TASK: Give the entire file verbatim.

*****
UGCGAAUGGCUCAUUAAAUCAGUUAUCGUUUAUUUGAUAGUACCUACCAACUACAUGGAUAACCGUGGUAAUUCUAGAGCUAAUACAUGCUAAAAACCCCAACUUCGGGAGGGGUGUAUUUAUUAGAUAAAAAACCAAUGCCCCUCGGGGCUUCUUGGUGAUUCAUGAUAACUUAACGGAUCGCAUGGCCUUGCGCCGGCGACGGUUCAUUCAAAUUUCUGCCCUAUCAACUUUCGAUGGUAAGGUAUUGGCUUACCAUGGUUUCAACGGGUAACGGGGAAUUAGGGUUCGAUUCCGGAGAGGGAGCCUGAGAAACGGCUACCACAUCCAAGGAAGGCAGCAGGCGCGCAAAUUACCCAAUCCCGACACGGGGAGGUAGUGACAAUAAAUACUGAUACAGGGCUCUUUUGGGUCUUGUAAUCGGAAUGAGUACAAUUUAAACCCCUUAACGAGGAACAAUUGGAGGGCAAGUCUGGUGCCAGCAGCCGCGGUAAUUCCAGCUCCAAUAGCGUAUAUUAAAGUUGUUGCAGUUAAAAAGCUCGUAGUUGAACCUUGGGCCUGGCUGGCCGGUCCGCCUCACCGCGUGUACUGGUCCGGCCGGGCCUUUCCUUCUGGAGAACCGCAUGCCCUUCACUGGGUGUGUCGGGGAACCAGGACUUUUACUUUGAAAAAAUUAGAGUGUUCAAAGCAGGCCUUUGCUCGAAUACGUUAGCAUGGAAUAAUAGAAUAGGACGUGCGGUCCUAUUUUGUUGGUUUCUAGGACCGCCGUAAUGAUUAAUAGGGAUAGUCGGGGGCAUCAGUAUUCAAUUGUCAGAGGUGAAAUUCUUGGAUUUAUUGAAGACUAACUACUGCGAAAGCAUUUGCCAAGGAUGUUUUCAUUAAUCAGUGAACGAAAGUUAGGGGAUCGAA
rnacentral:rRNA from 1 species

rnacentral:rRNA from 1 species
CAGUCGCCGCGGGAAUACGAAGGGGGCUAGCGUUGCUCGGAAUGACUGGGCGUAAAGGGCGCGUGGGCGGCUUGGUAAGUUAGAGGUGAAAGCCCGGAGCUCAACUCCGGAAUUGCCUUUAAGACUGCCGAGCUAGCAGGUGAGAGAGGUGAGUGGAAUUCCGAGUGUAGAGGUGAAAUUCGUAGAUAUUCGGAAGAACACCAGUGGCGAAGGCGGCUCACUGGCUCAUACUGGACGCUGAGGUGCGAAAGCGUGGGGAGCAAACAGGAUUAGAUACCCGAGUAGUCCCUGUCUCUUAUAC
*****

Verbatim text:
UGCGAAUGGCUCAUUAAAUCAGUUAUCGUUUAUUUGAUAGUACCUACCAACUACAUGGAUAACCGUGGUAAUUCUAGAGCUAAUACAUGCUAAAAACCCCAACUUCGGGAGGGGUGUAUUUAUUAGAUAAAAAACCAAUGCCCCUCGGGGCUUCUUGGUGAUUCAUGAUAACUUAACGGAUCGCAUGGCCUUGCGCCGGCGACGGUUCAUUCAAAUUUCUGCCCUAUCAACUUUCGAUGGUAAGGUAUUGGCUUACCAUGGUUUCAACGGGUAACGGGGAAUUAGGGUUCGAUUCCGGAGAGGGAGCCUGAGAAACGGCUACCACAUCCAAGGAAGGCAGCAGGCGCGCAAAUUACCCAAUCCCGACACGGGGAGGUAGUGACAAUAAAUACUGAUACAGGGCUCUUUUGGGUCUUGUAAUCGGAAUGAGUACAAUUUAAACCCCUUAACGAGGAACAAUUGGAGGGCAAGUCUGGUGCCAGCAGCCGCGGUAAUUCCAGCUCCAAUAGCGUAUAUUAAAGUUGUUGCAGUUAAAAAGCUCGUAGUUGAACCUUGGGCCUGGCUGGCCGGUCCGCCUCACCGCGUGUACUGGUCCGGCCGGGCCUUUCCUUCUGGAGAACCGCAUGCCCUUCACUGGGUGUGUCGGGGAACCAGGACUUUUACUUUGAAAAAAUUAGAGUGUUCAAAGCAGGCCUUUGCUCGAAUACGUUAGCAUGGAAUAAUAGAAUAGGACGUGCGGUCCUAUUUUGUUGGUUUCUAGGACCGCCGUAAUGAUUAAUAGGGAUAGUCGGGGGCAUCAGUAUUCAAUUGUCAGAGGUGAAAUUCUUGGAUUUAUUGAAGACUAACUACUGCGAAAGCAUUUGCCAAGGAUGUUUUCAUUAAUCAGUGAACGAAAGUUAGGGGAUCGAA
rnacentral:rRNA from 1 species

rnacentral:rRNA from 1 species
CAGUCGCCGCGGGAAUACGAAGGGGGCUAGCGUUGCUCGGAAUGACUGGGCGUAAAGGGCGCGUGGGCGGCUUGGUAAGUUAGAGGUGAAAGCCCGGAGCUCAACUCCGGAAUUGCCUUUAAGACUGCCGAGCUAGCAGGUGAGAGAGGUGAGUGGAAUUCCGAGUGUAGAGGUGAAAUUCGUAGAUAUUCGGAAGAACACCAGUGGCGAAGGCGGCUCACUGGCUCAUACUGGACGCUGAGGUGCGAAAGCGUGGGGAGCAAACAGGAUUAGAUACCCGAGUAGUCCCUGUCUCUUAUAC